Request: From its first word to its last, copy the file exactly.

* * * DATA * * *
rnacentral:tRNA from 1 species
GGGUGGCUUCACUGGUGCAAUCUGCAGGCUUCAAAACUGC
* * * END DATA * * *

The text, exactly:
rnacentral:tRNA from 1 species
GGGUGGCUUCACUGGUGCAAUCUGCAGGCUUCAAAACUGC